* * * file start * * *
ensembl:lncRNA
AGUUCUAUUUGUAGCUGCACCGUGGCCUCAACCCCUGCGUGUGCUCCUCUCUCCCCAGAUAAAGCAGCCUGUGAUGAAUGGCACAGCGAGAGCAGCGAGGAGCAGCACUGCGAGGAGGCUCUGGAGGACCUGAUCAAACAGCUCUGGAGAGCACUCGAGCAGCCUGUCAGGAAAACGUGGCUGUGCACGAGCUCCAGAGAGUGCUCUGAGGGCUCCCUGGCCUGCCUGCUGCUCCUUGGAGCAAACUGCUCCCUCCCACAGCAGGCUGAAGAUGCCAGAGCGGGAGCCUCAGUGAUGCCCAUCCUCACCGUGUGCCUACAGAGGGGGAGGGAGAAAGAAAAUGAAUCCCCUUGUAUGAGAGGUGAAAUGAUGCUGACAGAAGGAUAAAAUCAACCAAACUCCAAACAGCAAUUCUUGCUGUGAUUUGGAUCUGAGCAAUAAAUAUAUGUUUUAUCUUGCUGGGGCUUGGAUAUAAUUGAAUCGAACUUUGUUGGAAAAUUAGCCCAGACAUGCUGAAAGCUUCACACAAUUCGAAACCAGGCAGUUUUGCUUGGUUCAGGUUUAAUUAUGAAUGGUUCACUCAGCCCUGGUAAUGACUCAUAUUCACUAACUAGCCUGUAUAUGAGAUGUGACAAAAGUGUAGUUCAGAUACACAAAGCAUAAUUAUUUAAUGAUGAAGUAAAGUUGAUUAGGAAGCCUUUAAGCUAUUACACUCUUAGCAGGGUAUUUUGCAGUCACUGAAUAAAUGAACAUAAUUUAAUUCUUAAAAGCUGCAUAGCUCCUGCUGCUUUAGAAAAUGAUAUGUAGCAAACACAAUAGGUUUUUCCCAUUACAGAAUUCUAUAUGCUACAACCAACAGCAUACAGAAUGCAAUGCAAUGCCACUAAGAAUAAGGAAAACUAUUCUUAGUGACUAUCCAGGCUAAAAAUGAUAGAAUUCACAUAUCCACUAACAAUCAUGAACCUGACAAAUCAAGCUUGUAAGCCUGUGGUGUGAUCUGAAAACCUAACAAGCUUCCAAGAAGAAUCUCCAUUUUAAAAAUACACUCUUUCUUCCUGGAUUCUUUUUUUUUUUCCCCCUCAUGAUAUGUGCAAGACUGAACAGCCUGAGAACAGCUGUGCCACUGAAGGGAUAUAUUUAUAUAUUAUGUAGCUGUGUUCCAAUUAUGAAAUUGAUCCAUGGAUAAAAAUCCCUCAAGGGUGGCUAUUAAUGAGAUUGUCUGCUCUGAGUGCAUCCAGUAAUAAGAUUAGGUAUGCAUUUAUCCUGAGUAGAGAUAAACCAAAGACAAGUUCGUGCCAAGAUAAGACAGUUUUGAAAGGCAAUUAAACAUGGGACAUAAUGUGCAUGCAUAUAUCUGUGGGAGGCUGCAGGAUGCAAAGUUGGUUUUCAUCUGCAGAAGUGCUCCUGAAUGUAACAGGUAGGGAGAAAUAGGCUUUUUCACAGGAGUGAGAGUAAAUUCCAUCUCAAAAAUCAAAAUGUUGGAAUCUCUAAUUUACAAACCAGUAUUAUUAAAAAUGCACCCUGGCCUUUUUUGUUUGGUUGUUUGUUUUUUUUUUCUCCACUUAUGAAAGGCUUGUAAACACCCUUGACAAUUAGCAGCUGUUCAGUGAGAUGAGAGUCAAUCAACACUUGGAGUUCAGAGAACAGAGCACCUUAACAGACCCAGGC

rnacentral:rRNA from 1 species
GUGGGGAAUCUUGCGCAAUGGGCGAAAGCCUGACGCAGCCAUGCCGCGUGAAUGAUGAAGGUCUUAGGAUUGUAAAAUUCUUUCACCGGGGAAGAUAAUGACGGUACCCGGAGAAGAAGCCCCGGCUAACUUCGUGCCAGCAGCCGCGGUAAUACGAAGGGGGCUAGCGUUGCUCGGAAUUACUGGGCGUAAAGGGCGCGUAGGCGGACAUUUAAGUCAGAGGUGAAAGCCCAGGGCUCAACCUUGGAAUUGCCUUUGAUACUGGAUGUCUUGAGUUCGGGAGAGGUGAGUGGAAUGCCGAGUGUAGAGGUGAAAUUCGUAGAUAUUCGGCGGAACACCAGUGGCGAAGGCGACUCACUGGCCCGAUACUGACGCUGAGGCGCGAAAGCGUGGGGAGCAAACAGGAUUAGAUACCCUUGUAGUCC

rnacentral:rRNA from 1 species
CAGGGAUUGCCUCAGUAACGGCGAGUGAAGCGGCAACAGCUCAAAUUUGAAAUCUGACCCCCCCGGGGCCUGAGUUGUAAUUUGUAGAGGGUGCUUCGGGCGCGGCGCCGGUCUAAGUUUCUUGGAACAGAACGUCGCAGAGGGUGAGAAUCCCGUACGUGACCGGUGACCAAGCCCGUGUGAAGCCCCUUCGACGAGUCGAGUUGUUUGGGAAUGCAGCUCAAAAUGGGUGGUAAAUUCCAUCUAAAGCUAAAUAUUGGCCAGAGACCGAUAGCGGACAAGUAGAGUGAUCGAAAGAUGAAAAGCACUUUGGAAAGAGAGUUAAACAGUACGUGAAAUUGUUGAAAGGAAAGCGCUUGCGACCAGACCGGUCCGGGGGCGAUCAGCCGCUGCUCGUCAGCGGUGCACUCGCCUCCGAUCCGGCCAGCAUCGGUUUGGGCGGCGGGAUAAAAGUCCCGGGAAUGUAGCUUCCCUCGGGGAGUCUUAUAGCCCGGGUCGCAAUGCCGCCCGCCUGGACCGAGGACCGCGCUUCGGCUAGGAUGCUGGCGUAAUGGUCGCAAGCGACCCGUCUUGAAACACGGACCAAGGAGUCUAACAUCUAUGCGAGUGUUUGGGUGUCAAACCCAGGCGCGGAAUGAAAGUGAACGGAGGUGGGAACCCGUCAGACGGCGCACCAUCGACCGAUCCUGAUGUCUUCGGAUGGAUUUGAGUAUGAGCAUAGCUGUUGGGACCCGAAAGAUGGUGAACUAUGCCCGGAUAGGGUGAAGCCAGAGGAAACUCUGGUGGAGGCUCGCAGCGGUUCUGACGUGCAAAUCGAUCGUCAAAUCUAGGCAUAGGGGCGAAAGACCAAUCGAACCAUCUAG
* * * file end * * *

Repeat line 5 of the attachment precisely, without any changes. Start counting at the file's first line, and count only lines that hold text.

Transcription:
rnacentral:rRNA from 1 species